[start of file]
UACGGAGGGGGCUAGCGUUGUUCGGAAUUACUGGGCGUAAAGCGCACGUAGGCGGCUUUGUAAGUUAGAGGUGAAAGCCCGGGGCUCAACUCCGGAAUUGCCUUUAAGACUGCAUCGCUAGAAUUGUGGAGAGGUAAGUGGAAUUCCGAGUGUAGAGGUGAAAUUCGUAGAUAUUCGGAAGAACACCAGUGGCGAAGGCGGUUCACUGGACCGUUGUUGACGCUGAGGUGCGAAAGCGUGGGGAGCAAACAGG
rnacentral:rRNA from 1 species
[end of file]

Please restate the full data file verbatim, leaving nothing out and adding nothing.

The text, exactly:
UACGGAGGGGGCUAGCGUUGUUCGGAAUUACUGGGCGUAAAGCGCACGUAGGCGGCUUUGUAAGUUAGAGGUGAAAGCCCGGGGCUCAACUCCGGAAUUGCCUUUAAGACUGCAUCGCUAGAAUUGUGGAGAGGUAAGUGGAAUUCCGAGUGUAGAGGUGAAAUUCGUAGAUAUUCGGAAGAACACCAGUGGCGAAGGCGGUUCACUGGACCGUUGUUGACGCUGAGGUGCGAAAGCGUGGGGAGCAAACAGG
rnacentral:rRNA from 1 species